After preoxygenation with 100% oxygen, a Sellick’s maneuver was applied to the patient’s cricoid cartilage and induction of general anesthesia was achieved with Etomidate (Amidate, Pfizer, Inc., New York, USA) followed immediately with succinylcholine (Anectine, Quelicin, suxamethonium, Pfizer Inc., New York, USA). Direct larnygoscopy was performed, a Grade I view was obtained, and an 8.0mm endotracheal (ET) tube was inserted between the true vocal cords to a depth of 22cm at the teeth. The ET cuff was inflated with 5mL of air and breath sounds were equal bilaterally with a positive end tidal CO2 waveform on the monitor (Propaq, ZOLL Medical, Chelmsford, Massachusetts, USA).
After verification of ET tube placement, a massive amount of blood was noted on the floor. Upon inspection, the patient had a rapid, active, arterial flow of pulsatile blood emanating from his wound. An entire roll of gauze (Kerlix, Covidien,-Medtronic, Minnesota, USA) was placed into the wound and direct pressure was applied. The patient was placed on the ventilator.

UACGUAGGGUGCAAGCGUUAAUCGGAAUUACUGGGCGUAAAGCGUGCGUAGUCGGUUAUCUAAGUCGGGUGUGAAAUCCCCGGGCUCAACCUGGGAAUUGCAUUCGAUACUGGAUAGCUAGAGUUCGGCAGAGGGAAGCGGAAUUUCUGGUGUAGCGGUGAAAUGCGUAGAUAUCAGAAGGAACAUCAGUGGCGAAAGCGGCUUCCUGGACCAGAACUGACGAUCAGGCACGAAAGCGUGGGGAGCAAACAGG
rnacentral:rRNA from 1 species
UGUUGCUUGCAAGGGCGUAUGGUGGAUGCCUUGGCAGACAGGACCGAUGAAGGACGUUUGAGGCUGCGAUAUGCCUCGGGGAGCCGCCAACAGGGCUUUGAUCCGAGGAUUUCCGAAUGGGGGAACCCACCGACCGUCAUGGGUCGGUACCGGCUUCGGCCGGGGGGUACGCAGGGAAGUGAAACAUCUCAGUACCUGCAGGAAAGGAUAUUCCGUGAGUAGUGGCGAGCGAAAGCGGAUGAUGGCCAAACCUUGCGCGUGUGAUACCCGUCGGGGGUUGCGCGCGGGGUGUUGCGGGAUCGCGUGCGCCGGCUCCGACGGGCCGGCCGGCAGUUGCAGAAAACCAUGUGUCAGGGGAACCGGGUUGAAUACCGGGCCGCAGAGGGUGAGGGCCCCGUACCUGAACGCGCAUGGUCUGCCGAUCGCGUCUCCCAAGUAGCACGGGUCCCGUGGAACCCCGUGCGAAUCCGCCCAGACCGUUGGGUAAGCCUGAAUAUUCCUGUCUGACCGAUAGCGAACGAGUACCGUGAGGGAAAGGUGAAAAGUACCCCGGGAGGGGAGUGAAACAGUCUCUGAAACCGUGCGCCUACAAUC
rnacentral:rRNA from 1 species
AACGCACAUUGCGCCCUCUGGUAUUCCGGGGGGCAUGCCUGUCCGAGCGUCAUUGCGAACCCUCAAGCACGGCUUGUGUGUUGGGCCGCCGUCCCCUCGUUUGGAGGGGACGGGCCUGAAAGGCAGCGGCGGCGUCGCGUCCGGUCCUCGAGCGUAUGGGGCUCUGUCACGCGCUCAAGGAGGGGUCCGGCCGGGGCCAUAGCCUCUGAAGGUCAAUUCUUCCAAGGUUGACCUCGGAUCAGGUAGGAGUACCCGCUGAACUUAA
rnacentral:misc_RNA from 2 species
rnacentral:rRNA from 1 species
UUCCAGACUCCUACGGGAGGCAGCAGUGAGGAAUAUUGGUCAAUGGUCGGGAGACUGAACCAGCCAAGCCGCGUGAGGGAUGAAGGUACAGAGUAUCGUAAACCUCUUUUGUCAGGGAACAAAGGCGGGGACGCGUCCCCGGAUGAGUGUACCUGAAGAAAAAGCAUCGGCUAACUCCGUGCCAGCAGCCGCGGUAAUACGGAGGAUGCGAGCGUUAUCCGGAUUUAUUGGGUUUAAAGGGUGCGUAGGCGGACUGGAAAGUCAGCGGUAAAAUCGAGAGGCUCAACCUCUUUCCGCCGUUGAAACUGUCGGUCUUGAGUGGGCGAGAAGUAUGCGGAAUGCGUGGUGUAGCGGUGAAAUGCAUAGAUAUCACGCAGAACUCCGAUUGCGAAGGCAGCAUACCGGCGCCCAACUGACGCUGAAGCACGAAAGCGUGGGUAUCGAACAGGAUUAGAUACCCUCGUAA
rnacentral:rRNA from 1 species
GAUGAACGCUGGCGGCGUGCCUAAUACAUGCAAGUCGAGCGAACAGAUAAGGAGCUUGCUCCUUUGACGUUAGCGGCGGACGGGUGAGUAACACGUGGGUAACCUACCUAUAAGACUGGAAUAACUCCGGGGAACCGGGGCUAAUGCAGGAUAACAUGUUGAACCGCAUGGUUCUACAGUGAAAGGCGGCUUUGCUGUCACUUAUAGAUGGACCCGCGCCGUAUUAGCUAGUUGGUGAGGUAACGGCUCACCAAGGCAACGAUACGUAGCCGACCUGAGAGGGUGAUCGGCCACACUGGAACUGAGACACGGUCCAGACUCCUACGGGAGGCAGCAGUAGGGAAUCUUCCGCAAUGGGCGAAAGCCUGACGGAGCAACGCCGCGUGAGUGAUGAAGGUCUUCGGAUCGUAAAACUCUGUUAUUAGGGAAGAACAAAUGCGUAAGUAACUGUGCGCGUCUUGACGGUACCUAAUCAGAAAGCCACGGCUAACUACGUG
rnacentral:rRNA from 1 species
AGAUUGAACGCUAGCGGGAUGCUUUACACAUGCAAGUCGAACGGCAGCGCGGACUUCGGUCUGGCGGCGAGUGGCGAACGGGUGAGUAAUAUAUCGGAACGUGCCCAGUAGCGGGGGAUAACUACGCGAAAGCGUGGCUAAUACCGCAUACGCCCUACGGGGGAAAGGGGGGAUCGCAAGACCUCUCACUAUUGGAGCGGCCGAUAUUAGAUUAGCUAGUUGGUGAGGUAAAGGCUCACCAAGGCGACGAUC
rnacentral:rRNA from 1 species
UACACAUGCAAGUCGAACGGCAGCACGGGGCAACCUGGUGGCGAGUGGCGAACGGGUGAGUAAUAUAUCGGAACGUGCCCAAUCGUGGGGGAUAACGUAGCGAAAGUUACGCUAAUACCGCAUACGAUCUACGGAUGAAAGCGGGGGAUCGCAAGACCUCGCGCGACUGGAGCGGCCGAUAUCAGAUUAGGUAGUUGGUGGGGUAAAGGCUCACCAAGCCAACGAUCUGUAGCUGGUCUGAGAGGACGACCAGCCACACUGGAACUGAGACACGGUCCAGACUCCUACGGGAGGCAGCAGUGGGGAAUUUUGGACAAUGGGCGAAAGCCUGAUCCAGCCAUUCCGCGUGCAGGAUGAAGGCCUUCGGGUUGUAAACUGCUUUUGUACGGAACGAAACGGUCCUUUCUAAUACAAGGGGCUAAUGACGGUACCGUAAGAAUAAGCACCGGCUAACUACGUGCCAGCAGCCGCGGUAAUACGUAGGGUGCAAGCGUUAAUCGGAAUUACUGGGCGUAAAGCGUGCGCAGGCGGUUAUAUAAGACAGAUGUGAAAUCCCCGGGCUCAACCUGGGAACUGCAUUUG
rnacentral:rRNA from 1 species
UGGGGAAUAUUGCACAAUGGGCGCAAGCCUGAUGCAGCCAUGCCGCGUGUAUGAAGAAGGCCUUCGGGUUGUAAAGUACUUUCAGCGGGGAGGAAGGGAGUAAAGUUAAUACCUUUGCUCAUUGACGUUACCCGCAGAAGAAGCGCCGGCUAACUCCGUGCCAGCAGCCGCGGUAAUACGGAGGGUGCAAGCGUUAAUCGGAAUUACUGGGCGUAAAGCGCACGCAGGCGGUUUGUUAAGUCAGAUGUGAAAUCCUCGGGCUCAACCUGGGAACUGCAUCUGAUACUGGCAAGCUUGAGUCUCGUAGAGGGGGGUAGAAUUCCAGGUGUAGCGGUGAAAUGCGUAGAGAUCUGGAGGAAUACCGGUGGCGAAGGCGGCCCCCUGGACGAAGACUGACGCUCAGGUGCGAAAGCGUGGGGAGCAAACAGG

The patient was found to have a partially severed left subclavian artery.
Succinylcholine is a widely used medication as part of the RSI technique in combat casualties. Application of Combat Gauze to penetrating injuries has become routine for U.S. military forces. The fasciculations caused by succinylcholine can be of sufficient intensity to dislodge the Combat Gauze and result in a rapid loss of hemostasis. Alternatively, an actively moving patient can dislodge the clot formed by combat gauze.
I recommend a reinforcing combat gauze prior to patient movement, using a defasciculating dose of paralytic prior to using succinylcholine, or avoiding succinylcholine altogether if the patient has had a hemostatic dressing applied. The patient also received 4u PRBCs and 4 FFP, we didn't have TXA during surgery.